With copper prices surging, you might have expected a Queensland-focused explorer to soar like a bottle rocket when it kicked off trading Thursday on the ASX
With copper prices surging, you might have expected a Queensland-focused explorer to soar like a bottle rocket when it kicked off trading Thursday on the ASX

Sluggish start for miner

DISAPPOINTING START

With copper prices surging to near record highs, you might have expected a Queensland-focused explorer hunting the precious metal to soar like a bottle rocket when it kicked off trading Thursday on the ASX.

But unfortunately that didn't happen, with QMines suffering a surprisingly sluggish start. Its shares edged down slightly below the IPO issue price of 30 cents and stayed there all day, closing at 27 cents.

Yet chairman and co-founder Andrew Sparke (illustrated) remains bullish on the outlook for the company, which raised $11.5m from investors, including a sizeable contingent of institutional and European-based backers. That exceeded their target of a $10m minimum.

He and his managing director, Dan Lanskey, will now turn their attention to reviving the long-dormant Mt Chalmers copper and gold mine, located about 17 km outside of Rockhampton.

They also intend to resuscitate three other mothballed copper and gold projects located near Warwick and Stanthorpe.

"It's really quite exciting and we're really pleased to be in Queensland,'' Sparke told City Beat this week from his Sydney base, where he also oversees investment group Olive Capital.

"We see Queensland as the pre-eminent place to be exploring for large copper deposits.''

QMines' flagship Mt Chalmers open-pit site was mined periodically between 1898 and 1982, when falling prices meant further work no longer stacked up financially.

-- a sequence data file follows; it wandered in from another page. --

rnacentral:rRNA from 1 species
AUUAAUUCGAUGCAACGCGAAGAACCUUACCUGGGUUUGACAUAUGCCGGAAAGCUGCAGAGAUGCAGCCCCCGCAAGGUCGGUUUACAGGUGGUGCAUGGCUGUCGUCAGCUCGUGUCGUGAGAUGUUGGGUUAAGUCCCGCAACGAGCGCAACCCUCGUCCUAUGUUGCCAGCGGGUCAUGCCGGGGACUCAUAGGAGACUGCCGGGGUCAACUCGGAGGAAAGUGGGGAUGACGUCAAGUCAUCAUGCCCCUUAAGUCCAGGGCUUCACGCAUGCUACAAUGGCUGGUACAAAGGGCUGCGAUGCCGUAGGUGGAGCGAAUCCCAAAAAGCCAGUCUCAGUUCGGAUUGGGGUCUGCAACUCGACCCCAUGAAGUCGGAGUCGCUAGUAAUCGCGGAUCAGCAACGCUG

That's hardly the case now, with copper fetching more than $US10,000 a tonne last week for the first time in a decade. That's just shy of the all-time high of $US10,100 reached in early 2011.

Prices have more than doubled since March last year, when copper sank to a recent low of just $US4371 a tonne. Some market analysts now tip it to reach $US15,000 a tonne by 2025.

Sparke attributes the rebound to a spike in demand as economies recover from the pandemic and government stimulus is targeted at infrastructure projects, including renewable power initiatives that need lots of copper.

Yet the stuff won't be coming out of the ground at Mt Chalmers quite yet.

Drilling and other exploratory work will take up the next two years even though plenty of historical data about the site still exists.

QMines will be deploying new technologies that have been developed since the mine was last active, including something known as an "aeromagnetic survey'' carried out by helicopter.

That data, gathered from electrical pulses scanning the earth, will help create 3D models to pinpoint the optimal spots to dig.

"What we're doing is coming in with a fresh approach and applying more modern day technology,'' Sparke said.

When Mt Chalmers and other sites are eventually up and running, the company has vowed to become "Australia's first zero carbon copper and gold developer''.

In a bid to reassure investors, Sparke and the other directors have plenty of skin in the game too.

They own about 30.7 million shares, or just over a quarter of the 110.5 million shares on offer.

Their holding was worth nearly $8.3m at the close of the first day of trade.

Originally published as Sluggish start for miner